I think that the minister would recognise that the countries in Europe that he is talking about have a very different housing market from ours in Scotland.

The biggest issue that we face is that, if we go for rent control, landlords who have only one or two flats will simply sell them. That will take them off the market and those who are looking to rent will have less choice rather than more choice. That, in economic terms, means that rents will go up. Of course, there will be short-term benefits for renters if the proposals go ahead. However, they are minimal and will be dwarfed by the costs for future renters.

I would argue that none of this is controversial. An economist from the left-leaning Brookings Institution in America stated that

“Rent control appears to help affordability in the short run for current tenants, but in the long-run decreases affordability”,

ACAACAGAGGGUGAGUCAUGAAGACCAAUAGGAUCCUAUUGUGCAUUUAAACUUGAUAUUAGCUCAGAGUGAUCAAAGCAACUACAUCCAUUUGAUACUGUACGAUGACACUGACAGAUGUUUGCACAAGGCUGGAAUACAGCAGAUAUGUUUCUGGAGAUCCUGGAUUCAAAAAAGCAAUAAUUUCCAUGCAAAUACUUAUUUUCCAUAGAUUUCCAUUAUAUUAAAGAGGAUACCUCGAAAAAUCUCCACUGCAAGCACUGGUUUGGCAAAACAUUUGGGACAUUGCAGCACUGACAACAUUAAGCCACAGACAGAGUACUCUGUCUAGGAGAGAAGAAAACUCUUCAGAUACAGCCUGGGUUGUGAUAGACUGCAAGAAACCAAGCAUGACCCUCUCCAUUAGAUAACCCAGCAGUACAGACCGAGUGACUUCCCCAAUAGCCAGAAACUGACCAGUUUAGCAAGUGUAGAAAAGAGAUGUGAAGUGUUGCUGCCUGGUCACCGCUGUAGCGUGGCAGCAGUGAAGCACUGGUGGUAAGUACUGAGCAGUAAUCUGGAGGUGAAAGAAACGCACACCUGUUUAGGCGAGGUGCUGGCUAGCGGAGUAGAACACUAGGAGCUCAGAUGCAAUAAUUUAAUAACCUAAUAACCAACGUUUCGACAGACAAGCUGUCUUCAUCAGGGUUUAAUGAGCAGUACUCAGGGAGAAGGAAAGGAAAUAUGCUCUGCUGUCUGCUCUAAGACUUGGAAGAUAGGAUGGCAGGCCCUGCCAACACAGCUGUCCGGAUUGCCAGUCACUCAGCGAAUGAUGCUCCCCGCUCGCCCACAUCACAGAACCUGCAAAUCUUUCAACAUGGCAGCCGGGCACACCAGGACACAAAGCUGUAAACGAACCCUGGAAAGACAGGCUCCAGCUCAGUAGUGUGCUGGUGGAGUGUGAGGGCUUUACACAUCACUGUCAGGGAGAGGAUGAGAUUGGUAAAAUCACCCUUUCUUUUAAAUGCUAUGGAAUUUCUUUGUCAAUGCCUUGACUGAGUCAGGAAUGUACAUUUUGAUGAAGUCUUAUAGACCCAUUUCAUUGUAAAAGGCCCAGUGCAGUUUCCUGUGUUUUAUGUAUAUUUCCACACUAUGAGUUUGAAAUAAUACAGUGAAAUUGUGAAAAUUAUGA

makes negative extremes and affects surrounding neighbourhoods in a way that no one would expect. I would suggest that, if we go down the way of rent controls, that is what would happen in this country.

Yes, we need to fix the problem that has been created over the past 14 years. Scotland would be better served by the Scottish Government if it focused on meeting its targets for new houses built, a measure that would effectively bring prices down and ensure that there was enough accommodation for everybody to have, instead of trying to fix the market.

Rona Mackay will be joining us remotely.